The heads of such huge coke drums have, in the past, been completely removed with each de-coking cycle. As coke drums are typically in the range of 20-30 feet in diameter and 100 feet in height, the sheer size of the heads of such drums caused their removal to be a process which was fraught with danger, both to the operators and the surrounding equipment. Many other risks have been assumed in the past by workers who carry out the removal of such coke drum heads during the de-coking process. For example, during the loosening and removal of the bottom head, un-drained water (which has become heated during the quenching process) and chunks of loose coke can fall onto workers below. Workers also run the risk of being exposed to hazardous materials and fumes from the drum when the heads are opened.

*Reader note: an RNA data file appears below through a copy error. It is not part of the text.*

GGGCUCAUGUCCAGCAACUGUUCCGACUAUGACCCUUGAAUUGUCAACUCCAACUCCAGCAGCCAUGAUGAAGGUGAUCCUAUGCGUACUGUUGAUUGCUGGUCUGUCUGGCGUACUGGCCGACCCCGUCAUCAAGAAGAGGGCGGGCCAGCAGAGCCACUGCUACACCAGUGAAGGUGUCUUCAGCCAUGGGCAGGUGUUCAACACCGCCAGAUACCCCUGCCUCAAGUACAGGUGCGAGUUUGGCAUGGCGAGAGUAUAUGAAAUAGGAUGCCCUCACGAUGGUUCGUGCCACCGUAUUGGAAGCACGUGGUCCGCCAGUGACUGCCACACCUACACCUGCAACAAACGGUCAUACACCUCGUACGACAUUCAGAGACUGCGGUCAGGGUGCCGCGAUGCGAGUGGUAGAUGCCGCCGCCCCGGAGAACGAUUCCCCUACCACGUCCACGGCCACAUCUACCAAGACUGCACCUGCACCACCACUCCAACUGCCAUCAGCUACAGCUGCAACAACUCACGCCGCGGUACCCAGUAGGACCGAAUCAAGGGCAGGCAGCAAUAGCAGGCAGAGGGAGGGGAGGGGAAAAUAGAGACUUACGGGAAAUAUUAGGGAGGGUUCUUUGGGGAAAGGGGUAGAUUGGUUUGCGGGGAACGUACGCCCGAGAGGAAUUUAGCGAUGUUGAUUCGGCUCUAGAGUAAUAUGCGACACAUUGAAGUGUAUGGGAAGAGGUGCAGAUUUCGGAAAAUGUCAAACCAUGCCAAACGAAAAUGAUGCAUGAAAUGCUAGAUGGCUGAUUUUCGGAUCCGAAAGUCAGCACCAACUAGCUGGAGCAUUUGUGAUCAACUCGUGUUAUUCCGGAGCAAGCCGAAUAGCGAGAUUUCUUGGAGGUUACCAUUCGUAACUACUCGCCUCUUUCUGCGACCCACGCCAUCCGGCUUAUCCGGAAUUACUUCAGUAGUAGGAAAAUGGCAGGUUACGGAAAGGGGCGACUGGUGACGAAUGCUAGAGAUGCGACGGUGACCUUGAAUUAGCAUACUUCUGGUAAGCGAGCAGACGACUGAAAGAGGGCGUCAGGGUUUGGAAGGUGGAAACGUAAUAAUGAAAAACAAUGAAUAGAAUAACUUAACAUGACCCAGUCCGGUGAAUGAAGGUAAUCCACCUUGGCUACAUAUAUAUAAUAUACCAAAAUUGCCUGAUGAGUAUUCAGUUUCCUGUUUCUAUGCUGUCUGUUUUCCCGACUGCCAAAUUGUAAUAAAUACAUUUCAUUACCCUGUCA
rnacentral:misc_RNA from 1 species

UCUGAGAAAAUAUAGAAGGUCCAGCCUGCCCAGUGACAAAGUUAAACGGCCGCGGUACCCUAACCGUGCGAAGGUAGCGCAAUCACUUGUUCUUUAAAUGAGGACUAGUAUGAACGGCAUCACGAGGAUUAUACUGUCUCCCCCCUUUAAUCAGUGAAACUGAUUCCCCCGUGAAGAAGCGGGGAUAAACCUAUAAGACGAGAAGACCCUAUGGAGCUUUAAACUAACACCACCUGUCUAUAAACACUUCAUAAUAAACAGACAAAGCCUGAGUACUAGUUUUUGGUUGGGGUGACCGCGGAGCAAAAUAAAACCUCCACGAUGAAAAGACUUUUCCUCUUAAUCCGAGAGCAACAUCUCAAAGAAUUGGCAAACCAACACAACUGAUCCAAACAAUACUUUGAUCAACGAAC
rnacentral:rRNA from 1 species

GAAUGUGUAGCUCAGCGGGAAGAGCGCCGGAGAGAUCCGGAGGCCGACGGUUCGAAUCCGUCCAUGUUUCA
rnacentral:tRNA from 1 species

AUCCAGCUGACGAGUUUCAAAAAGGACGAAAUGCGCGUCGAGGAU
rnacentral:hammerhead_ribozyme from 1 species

As such, attempts have been made to devise automated un-heading systems which can be remotely operated to remove at least the bottom head of a coke drum, thereby limiting the risks assumed by workers during the de-coking operation. For example, U.S. Pat. No. 4,960,358 issued to DiGiacomo et al. on Oct. 2, 1990 discloses a bottom un-heading device for coke drums which includes a heat unit removably connected to a lower end of the coke drum by swing bolts which can be disconnected by remotely operated de-tensioning equipment. Thus, the fastening mechanism between the bottom head and the drum can be remotely disconnected such that the cover unit can be completely removed from the drum by a displaceable platform device. U.S. Pat. No. 5,785,843 issued to Antalffy et al. on Jul. 28, 1998 also discloses a coke drum de-heading device, wherein the coke drum head is hinged from the drum body by a compound joint which reduces the amount of headroom required to swing the disengaged head away from the drum. An actuator is used to remotely move the hinging head between open and closed positions.